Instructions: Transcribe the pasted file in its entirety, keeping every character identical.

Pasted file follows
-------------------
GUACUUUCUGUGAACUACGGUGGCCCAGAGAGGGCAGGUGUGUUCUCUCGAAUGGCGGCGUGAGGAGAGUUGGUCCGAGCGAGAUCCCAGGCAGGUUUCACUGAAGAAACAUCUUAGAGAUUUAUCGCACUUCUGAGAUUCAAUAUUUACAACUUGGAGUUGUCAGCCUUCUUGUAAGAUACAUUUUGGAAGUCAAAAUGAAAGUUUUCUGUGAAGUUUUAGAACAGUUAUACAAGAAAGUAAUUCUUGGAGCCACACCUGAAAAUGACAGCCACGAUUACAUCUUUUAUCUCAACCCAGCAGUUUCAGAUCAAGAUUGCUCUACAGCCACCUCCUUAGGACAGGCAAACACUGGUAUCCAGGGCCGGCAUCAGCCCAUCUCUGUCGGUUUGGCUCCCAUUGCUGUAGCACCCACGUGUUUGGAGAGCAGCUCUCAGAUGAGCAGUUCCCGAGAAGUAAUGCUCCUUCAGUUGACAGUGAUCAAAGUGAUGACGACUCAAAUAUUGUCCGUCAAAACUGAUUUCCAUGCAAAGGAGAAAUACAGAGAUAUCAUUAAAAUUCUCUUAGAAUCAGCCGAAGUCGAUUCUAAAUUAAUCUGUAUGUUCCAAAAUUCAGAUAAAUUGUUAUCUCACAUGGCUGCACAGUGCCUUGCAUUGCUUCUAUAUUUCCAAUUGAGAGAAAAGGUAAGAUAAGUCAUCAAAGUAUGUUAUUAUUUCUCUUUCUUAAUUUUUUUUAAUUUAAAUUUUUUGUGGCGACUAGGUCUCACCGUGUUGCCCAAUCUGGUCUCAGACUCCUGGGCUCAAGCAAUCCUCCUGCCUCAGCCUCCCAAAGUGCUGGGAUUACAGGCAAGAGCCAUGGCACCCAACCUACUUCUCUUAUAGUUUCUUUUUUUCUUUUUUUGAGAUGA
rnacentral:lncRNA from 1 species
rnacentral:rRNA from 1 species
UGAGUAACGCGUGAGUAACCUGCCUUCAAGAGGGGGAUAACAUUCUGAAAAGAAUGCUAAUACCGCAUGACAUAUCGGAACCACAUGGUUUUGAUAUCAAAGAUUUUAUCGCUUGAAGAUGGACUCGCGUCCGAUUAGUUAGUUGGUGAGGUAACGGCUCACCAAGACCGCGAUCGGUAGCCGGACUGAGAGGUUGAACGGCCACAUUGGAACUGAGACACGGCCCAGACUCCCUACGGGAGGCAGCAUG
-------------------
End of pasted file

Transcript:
GUACUUUCUGUGAACUACGGUGGCCCAGAGAGGGCAGGUGUGUUCUCUCGAAUGGCGGCGUGAGGAGAGUUGGUCCGAGCGAGAUCCCAGGCAGGUUUCACUGAAGAAACAUCUUAGAGAUUUAUCGCACUUCUGAGAUUCAAUAUUUACAACUUGGAGUUGUCAGCCUUCUUGUAAGAUACAUUUUGGAAGUCAAAAUGAAAGUUUUCUGUGAAGUUUUAGAACAGUUAUACAAGAAAGUAAUUCUUGGAGCCACACCUGAAAAUGACAGCCACGAUUACAUCUUUUAUCUCAACCCAGCAGUUUCAGAUCAAGAUUGCUCUACAGCCACCUCCUUAGGACAGGCAAACACUGGUAUCCAGGGCCGGCAUCAGCCCAUCUCUGUCGGUUUGGCUCCCAUUGCUGUAGCACCCACGUGUUUGGAGAGCAGCUCUCAGAUGAGCAGUUCCCGAGAAGUAAUGCUCCUUCAGUUGACAGUGAUCAAAGUGAUGACGACUCAAAUAUUGUCCGUCAAAACUGAUUUCCAUGCAAAGGAGAAAUACAGAGAUAUCAUUAAAAUUCUCUUAGAAUCAGCCGAAGUCGAUUCUAAAUUAAUCUGUAUGUUCCAAAAUUCAGAUAAAUUGUUAUCUCACAUGGCUGCACAGUGCCUUGCAUUGCUUCUAUAUUUCCAAUUGAGAGAAAAGGUAAGAUAAGUCAUCAAAGUAUGUUAUUAUUUCUCUUUCUUAAUUUUUUUUAAUUUAAAUUUUUUGUGGCGACUAGGUCUCACCGUGUUGCCCAAUCUGGUCUCAGACUCCUGGGCUCAAGCAAUCCUCCUGCCUCAGCCUCCCAAAGUGCUGGGAUUACAGGCAAGAGCCAUGGCACCCAACCUACUUCUCUUAUAGUUUCUUUUUUUCUUUUUUUGAGAUGA
rnacentral:lncRNA from 1 species
rnacentral:rRNA from 1 species
UGAGUAACGCGUGAGUAACCUGCCUUCAAGAGGGGGAUAACAUUCUGAAAAGAAUGCUAAUACCGCAUGACAUAUCGGAACCACAUGGUUUUGAUAUCAAAGAUUUUAUCGCUUGAAGAUGGACUCGCGUCCGAUUAGUUAGUUGGUGAGGUAACGGCUCACCAAGACCGCGAUCGGUAGCCGGACUGAGAGGUUGAACGGCCACAUUGGAACUGAGACACGGCCCAGACUCCCUACGGGAGGCAGCAUG